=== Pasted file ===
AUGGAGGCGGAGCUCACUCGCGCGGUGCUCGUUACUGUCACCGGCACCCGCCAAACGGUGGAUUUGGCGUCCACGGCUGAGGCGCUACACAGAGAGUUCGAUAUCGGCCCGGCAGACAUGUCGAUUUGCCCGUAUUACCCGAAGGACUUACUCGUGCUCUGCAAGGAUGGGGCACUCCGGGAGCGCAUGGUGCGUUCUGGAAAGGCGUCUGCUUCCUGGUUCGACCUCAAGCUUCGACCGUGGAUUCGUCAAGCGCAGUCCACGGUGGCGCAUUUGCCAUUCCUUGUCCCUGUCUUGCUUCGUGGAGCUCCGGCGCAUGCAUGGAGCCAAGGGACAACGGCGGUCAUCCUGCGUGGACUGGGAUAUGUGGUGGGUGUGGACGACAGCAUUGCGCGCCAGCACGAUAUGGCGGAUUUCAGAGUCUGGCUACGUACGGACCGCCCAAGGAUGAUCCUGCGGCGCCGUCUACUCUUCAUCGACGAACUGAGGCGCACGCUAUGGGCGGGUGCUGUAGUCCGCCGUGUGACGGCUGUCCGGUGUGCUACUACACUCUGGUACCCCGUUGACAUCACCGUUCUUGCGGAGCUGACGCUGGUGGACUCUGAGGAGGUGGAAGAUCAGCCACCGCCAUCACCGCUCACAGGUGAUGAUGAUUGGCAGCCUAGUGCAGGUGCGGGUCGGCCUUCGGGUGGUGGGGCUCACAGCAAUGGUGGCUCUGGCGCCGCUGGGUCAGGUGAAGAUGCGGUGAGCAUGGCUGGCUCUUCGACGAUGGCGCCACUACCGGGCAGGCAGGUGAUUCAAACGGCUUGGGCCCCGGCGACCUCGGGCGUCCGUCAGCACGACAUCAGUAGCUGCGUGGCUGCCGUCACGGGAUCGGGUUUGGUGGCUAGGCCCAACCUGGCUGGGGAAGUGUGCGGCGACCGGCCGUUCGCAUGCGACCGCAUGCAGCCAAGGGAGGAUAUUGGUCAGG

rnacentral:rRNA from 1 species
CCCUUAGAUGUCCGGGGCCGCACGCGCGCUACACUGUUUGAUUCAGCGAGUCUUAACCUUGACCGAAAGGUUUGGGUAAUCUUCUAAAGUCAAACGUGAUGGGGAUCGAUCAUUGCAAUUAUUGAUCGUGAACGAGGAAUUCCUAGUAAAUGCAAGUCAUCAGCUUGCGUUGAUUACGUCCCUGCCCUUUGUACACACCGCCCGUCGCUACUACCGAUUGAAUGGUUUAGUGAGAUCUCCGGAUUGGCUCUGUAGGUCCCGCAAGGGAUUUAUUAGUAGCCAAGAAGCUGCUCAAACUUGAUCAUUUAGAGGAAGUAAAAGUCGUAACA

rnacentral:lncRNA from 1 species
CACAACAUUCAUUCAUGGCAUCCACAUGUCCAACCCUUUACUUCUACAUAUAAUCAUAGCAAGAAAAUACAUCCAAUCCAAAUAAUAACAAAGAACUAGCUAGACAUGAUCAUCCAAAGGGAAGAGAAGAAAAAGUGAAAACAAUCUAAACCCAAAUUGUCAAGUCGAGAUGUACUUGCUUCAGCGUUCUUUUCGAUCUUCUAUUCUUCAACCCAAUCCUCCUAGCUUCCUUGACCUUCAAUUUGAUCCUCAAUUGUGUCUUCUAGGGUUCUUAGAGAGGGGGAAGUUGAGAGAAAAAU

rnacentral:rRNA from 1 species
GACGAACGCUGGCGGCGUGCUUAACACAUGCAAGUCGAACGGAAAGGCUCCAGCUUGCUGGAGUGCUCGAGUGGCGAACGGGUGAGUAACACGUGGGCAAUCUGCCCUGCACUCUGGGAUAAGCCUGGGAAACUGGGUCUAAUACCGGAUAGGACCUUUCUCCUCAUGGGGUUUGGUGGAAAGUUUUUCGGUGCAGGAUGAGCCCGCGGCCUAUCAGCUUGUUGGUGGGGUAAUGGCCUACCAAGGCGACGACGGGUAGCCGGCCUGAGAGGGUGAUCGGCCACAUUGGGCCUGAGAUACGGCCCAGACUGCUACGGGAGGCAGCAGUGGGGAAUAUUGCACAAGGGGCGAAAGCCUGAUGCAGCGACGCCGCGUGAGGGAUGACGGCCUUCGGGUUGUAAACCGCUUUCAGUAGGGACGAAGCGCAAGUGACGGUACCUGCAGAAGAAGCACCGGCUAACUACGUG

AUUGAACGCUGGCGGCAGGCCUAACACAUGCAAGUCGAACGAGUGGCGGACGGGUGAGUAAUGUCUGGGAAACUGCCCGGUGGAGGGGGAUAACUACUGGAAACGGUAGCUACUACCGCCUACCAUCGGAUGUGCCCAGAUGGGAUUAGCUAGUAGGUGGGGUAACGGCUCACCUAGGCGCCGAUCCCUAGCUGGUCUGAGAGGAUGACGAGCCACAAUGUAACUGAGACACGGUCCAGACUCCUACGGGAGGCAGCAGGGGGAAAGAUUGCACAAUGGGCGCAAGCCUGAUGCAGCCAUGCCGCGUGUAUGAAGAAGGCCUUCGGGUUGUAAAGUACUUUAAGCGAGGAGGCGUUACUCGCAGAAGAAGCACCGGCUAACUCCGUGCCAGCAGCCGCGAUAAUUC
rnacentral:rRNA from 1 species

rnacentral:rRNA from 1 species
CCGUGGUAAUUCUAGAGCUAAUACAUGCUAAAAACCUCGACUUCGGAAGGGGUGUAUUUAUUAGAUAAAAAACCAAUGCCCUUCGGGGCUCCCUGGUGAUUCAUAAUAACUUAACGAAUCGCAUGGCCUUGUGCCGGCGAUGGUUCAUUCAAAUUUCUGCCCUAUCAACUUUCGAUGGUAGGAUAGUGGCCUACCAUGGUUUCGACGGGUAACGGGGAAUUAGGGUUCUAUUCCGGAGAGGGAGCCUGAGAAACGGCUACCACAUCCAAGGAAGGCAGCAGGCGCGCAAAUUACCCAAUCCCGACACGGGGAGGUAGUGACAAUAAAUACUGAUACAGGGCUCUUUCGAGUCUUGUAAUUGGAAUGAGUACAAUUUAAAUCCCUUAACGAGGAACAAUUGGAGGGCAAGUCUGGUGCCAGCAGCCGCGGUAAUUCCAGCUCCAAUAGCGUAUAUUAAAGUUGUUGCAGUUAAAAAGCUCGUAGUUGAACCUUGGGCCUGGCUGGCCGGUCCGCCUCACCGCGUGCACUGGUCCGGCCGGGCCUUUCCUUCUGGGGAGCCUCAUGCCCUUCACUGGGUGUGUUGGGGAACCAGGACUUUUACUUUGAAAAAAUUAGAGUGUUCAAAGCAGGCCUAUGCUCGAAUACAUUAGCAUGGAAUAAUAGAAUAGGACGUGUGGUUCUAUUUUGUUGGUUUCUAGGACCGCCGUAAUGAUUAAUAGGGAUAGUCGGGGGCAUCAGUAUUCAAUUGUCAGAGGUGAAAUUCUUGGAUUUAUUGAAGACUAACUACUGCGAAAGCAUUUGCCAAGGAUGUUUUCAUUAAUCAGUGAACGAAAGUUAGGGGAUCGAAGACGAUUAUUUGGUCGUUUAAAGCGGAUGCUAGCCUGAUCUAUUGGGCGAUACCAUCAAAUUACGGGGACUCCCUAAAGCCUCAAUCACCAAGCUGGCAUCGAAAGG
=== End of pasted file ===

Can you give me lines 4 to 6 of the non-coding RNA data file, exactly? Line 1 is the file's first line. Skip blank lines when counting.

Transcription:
rnacentral:lncRNA from 1 species
CACAACAUUCAUUCAUGGCAUCCACAUGUCCAACCCUUUACUUCUACAUAUAAUCAUAGCAAGAAAAUACAUCCAAUCCAAAUAAUAACAAAGAACUAGCUAGACAUGAUCAUCCAAAGGGAAGAGAAGAAAAAGUGAAAACAAUCUAAACCCAAAUUGUCAAGUCGAGAUGUACUUGCUUCAGCGUUCUUUUCGAUCUUCUAUUCUUCAACCCAAUCCUCCUAGCUUCCUUGACCUUCAAUUUGAUCCUCAAUUGUGUCUUCUAGGGUUCUUAGAGAGGGGGAAGUUGAGAGAAAAAU

rnacentral:rRNA from 1 species